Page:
Contemporary Women in Social Justice + Politics You Need to Know About
What comes to mind when you think of SXSW? Musicians on the brink of discovery, new and revelatory films, exciting art installations, and of course, Torchy’s Tacos. There is, however, an entire sphere of social, political and scientific events at the festival known as the Innovation Track. We were lucky enough to drop-in on some of these talks and learned all about the world around us from some of the coolest women making positive and actionable change. We were inspired by big names we are used to seeing in the media like Alexandria Ocasio Cortez and her talk on “The New Left,” as well as Elizabeth Warren and her discussion on breaking up big tech companies, but have you heard of Senator Amy Klobuchar? Or Senator Mazie Hirono? Check out our list of the five coolest women working in politics we discovered at SXSW19!
We saw Amy Klobuchar, the Senator from Minnesota, in discussion with Elizabeth Warren about America’s Future. Klobuchar and Warren are opponents for the 2020 nomination and had similar yet also somewhat different opinions on 21st century trust-busting. Klobuchar is very passionate about data rights for the individual. "I have bipartisan legislation to give you notice of breaches, to let you opt out of having your data shared, and then most importantly, to making this understandable, when you decide whether or not you want to have your data shared," Klobuchar was a Yale graduate and a lawyer in Minneapolis before being elected to the senate in 2006. Klobuchar was also notably the first elected female United States senator in Minnesota.
Hirono has been in the media lately as Trump has referred to her as “the crazy female senator from Hawaii”. She also strongly opposed the nomination of Brett Kavanaugh. Mazie Hirono was the first female senator in Hawaii and the first Asian - American woman senator. Hirono was born in Fukushima, Japan and came to Hawaii when her mother emigrated the family to escape an abusive relationship and seek a better life for her children. Hirono served in the Hawaii House of Representatives and currently sits on the Senate Judiciary Committee. For her work supporting Hawaii’s tourism industry and visa reform, Hirono has gained a reputation as “an advocate for consumers and workers.”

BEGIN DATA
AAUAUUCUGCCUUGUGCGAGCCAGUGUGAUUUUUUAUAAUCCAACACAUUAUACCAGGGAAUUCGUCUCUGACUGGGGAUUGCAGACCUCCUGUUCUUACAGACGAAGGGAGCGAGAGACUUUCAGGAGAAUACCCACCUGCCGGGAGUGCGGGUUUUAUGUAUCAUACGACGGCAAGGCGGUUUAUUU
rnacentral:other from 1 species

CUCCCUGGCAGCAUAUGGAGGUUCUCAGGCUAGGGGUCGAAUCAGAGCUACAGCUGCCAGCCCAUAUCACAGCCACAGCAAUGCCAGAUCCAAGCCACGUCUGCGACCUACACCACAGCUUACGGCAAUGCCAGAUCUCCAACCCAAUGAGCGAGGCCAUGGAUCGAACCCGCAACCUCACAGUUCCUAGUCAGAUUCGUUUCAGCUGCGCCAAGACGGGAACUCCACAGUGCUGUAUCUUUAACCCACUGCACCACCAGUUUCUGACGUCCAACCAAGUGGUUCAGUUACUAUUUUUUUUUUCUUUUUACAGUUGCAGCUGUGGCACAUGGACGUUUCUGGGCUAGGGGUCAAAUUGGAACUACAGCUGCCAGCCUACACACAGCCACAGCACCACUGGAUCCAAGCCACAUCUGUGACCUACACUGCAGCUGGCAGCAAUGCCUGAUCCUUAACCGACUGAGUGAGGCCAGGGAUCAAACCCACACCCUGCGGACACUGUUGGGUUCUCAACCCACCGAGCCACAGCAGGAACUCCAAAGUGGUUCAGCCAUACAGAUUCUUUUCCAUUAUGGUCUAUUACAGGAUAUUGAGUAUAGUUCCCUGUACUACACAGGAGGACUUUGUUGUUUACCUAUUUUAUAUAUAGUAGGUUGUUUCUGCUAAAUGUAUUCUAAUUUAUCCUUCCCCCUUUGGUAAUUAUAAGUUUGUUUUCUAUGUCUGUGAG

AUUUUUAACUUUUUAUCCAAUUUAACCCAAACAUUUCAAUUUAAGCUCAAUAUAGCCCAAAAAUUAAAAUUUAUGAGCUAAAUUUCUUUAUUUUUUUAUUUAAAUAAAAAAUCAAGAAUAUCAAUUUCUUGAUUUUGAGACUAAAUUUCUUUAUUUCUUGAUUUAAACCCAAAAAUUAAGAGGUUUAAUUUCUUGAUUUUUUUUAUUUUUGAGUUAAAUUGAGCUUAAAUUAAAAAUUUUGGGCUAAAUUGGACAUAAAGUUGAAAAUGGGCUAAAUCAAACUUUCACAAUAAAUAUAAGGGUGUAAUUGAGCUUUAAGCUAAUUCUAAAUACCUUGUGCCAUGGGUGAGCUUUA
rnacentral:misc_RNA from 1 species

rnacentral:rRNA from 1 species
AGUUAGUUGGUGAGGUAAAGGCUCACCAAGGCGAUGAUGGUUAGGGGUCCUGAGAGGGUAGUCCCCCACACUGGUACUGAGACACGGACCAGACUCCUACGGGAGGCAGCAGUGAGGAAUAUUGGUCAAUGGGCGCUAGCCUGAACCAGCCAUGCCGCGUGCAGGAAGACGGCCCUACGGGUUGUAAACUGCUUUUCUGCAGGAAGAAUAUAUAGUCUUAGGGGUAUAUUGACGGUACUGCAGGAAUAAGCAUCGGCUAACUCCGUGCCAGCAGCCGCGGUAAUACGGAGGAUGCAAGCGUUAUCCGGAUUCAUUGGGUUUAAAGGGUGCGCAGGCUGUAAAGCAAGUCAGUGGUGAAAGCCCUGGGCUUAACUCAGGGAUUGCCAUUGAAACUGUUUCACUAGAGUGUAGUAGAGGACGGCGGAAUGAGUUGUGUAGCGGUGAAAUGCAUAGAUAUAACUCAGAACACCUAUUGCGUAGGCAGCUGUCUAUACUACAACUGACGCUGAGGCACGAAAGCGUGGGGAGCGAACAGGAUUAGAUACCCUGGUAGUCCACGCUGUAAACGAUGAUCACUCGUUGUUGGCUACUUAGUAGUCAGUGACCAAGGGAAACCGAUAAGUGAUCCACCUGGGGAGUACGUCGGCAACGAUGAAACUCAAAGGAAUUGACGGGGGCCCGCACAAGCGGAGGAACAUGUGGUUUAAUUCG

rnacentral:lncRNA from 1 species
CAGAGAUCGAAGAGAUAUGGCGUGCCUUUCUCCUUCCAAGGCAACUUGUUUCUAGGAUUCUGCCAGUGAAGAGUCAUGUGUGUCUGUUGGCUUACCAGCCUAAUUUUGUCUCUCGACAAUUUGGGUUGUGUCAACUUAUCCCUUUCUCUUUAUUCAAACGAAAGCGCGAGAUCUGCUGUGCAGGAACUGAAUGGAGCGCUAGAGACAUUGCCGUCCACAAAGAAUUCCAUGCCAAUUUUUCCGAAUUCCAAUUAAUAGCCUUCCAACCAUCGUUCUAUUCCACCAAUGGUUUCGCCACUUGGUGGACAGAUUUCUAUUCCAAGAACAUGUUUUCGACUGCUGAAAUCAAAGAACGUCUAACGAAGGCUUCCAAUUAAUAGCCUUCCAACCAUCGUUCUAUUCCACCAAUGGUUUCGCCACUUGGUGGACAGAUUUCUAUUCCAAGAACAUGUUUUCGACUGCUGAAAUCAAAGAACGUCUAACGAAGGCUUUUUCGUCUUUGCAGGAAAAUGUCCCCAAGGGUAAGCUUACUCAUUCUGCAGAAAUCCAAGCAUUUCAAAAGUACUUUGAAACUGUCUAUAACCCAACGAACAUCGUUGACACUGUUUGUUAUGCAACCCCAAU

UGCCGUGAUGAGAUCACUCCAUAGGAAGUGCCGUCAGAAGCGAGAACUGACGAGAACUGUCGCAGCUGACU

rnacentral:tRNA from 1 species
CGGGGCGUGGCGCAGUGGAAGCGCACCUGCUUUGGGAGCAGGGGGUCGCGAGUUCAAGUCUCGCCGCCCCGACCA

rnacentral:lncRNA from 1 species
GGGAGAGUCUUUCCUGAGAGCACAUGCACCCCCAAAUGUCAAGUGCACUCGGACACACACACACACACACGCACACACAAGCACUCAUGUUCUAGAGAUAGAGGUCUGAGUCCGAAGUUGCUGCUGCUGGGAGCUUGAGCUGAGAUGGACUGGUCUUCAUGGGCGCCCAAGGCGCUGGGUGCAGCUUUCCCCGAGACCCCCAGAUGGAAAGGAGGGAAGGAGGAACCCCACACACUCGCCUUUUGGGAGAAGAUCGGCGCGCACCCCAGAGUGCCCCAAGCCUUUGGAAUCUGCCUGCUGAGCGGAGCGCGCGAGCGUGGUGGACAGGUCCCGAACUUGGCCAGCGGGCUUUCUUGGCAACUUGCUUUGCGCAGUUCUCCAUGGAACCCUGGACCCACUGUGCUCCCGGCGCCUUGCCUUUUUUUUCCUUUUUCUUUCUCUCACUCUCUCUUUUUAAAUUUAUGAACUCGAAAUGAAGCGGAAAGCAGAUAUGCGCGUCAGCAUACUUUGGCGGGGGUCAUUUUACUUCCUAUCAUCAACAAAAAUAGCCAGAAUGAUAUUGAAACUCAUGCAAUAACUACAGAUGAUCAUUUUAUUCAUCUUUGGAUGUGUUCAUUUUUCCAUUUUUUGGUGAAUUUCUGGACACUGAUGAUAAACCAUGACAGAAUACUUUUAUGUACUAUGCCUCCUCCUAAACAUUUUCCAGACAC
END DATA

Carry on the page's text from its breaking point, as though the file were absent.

You may remember Ms.Jarrett’s name from last year’s Roseanne Twitter debacle. Valerie Jarrett is an Iranian-American woman who served as a senior advisor to the Obama Foundation and is also a businesswoman and an activist. Jarrett spoke about her upcoming book titled Finding My Voice: My Journey to the West Wing and the Path Forward. The book focuses on her work reforming the justice system and women’s equality.
The president and CEO of MANA, the oldest and largest Latina membership organization in the United States, spoke at an event called “Are There Civil Rights in a Digital World?” Hinojosa’s role in MANA has her working primarily in leadership development, advocacy and community service. Her grassroots work with Hispanic communities and mobilization of young voices is inspired and made her perspective on whether or not we should extend civil rights protections to the internet extremely interesting.
Francesca Rossi is the IBM AI Ethics Global Leader and a research staff member at IBM Research. Her work spans the topics of artificial intelligence, constraint reasoning, preferences, multi-agent systems, computational social choice, and collective decision making. What makes her work particularly distinctive is that this badass genius lady also studies how ethical and societal issues affect the development of AI systems. In the wake of the college admissions fraud scandal, Rossi’s insights during the “Algorithms Go To Law School: The Ethics of AI” felt especially poignant. She urged those modernizing admissions systems to be wary of the limitations and capabilities of new technologies and to rely on the knowledge of experts to maintain ethical practices.